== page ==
- Camerata Singers – Considering Matthew Shepard
- Chamber Music Monterey Bay — Escher String Quartet
- Aizuri String Quartet — Fabulous Artistry
- YMMC March Concert – Migration
- Ensemble Monterey’s Tribute to an Early Spring
- Pianist Kevin Lee Sun in Aptos Keyboard Series
- Monterey Symphony presents: Ovation
- The Thoughtful Muse: A Recital by Pianist Daria Rabotkina
- Stravinsky – Music & Dance in Miami
- Ehnes Quartet in Beethoven Quartet Cycle
- Heavy Stuff – A Recital by Vladimir Feltsman
- Santa Cruz Symphony: Catharsis
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The Aizuri String Quartet presented a most impressive concert Thursday on March 5 at Peace United Church in Santa Cruz as part of the Distinguished Artists series. The quartet draws its name from the unique Japanese wood block prints usually in Prussian Blue color and quite valuable. Members of this superb quartet based in NYC are Miho Saegusa and Emma Frucht violins, Ayane Kozasa viola and Karen Ouzounian cello.
The concert program consisted of Antonín Dvořák’s Cypresses; Lembit Beecher’s These Memories May Be True; Armenian Folk Songs by Soghomon Soghomonian, an ordained Armenian priest commonly known as Komitas. These five works were based on Armenian folk songs and arranged by Sergei Aslamazian. At the Purchaser’s Option by Rhiannon Giddens and the String Quartet in D minor Op. 56, Voices Intimae, by Sibelius concluded the innovative program.Read full story
On Tuesday January 28, 2020 the Ehnes Quartet continued its cycle of the complete Beethoven String Quartets in Miami. Each year it has played a program of the Beethoven Quartets, with the final concert of the series to be played next year to coincide with the Beethoven Anniversary. James Ehnes formed the quartet a few years ago with violinist Amy Schwartz Moretti and violist Richard O’Neill after discussing the idea with Robert deMaine, now Principal Cellist of the Los Angeles Philharmonic, after a rehearsal. James says ,”The amazing thing is that we both had the same idea – that we wanted it to be with Amy and Richard.”Read full story
On Sunday January 5, 2020, the New York Philharmonic Quartet
and Joseph Kalichstein played a beautiful concert of Mozart, Dvorak
and Shostakovich at Florida International University’s Wertheim
Concert Hall in Miami to a large, most appreciative audience.
The quartet is comprised of four of the Philarmonic’s principal
musicians – Concertmaster Frank Huang, Principal Associate
Concertmaster Sheryl Staples, Principal Viola Cyntia Phelps, and
Principal Cello Carter Brey.
On January 25, at the Unitarian Universalist Church of the Monterey Peninsula, we heard a very special concert celebrating the renovation of a splendid 115-year-old Steinway 6’4″ grand piano originally donated by parishioner Harry Ogden in 1992. This instrument was recently totally rebuilt and refinished thanks to donations from church members.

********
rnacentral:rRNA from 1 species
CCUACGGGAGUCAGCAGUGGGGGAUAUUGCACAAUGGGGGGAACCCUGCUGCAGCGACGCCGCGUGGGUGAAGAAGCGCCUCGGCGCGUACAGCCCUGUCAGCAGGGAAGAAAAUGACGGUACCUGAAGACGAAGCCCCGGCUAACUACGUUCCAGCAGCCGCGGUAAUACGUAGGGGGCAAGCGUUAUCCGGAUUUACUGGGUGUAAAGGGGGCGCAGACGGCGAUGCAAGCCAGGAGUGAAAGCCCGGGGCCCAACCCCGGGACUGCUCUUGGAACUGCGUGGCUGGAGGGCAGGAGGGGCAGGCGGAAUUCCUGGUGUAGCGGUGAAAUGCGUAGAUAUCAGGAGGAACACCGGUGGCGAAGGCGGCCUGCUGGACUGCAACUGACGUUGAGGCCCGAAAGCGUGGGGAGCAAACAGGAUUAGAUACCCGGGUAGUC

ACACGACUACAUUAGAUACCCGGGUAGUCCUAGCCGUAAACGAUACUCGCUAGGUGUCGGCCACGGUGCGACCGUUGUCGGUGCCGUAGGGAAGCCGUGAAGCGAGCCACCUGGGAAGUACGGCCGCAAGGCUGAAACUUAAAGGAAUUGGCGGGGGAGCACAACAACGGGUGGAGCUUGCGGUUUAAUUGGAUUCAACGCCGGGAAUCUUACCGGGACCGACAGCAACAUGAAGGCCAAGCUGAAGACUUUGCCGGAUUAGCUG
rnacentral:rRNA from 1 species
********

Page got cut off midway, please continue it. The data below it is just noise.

This concert was a standing-room-only sellout — there were not enough printed programs so latecomers had to share. But for those of us fortunate enough to squeeze into the limited space, it was a very rewarding concert. The featured artists on this occasion were pianist Lucy Faridany, cellist Linda Mehrabian, and vocalists Jody Lee and Patty Pai.
We heard some unusual repertoire — how often have you heard works combining voice, cello and piano? Well we heard several of them during this concert by composers Fauré, César Franck, Debussy and Poulenc. Singers Lee and Pai impressed us with their lovely voices, superb musicianship and lovely shaping of phrases.
Cellist Linda Mehrabian has a beautiful rich sound and charmed us with her elegant playing in works by Gabriel Fauré and Ralph Vaughan Williams.
The player with the largest role during the concert was Lucy Faridany, who always impresses us with her ability to get to the heart and soul of any work she performs. There is a naturalness to her playing, whether supporting others in ensemble playing or as a soloist, for on this occasion she performed Chopin’s Fantasie-Impromptu and Waltz in E Minor, Op. Posth, and and then blew us away with a powerful performance of Rachmaninoff’s Prelude in G Minor, Op. 23, No. 5.
We can hope that there will be many more concerts in the Church’s Music Series.
The [email protected] Focus series launched a most successful concert of Russian music – that of Shostakovich and Tchaikovsky – Saturday, November 8, graced by the presence of a host of gifted musicians, perhaps first among them pianist Ignat Solzhenitsyn, son of the internationally distinguished author, Alexander Solzhenitsyn. Under the rubric “Art Under a Tombstone,” the concert, accompanied by a lecture the night preceding, meant to revive the Russian sense of spiritual authenticity after years of political and cultural repression by the Soviet regime. The program, held at St. Bede’s Episcopal Church, Menlo Park, proffered a wonderfully vibrant Hamburg Steinway for the two featured pianists, Solzhenitsyn and Gloria Chien, to ply their extraordinary gifts. And despite a somewhat dry acoustic in the hall, each of the three works on the program – the Shostakovich Piano Trio in C Minor, Op. 8; the Shostakovich Seven Romances on Poems by Aleksander Blok, Op. 127; and Tchaikovsky’s Piano Trio in A Minor, Op. 50 – achieved a pungent and lyrical illumination that took the modest but thoroughly enthralled audience by storm.Read full story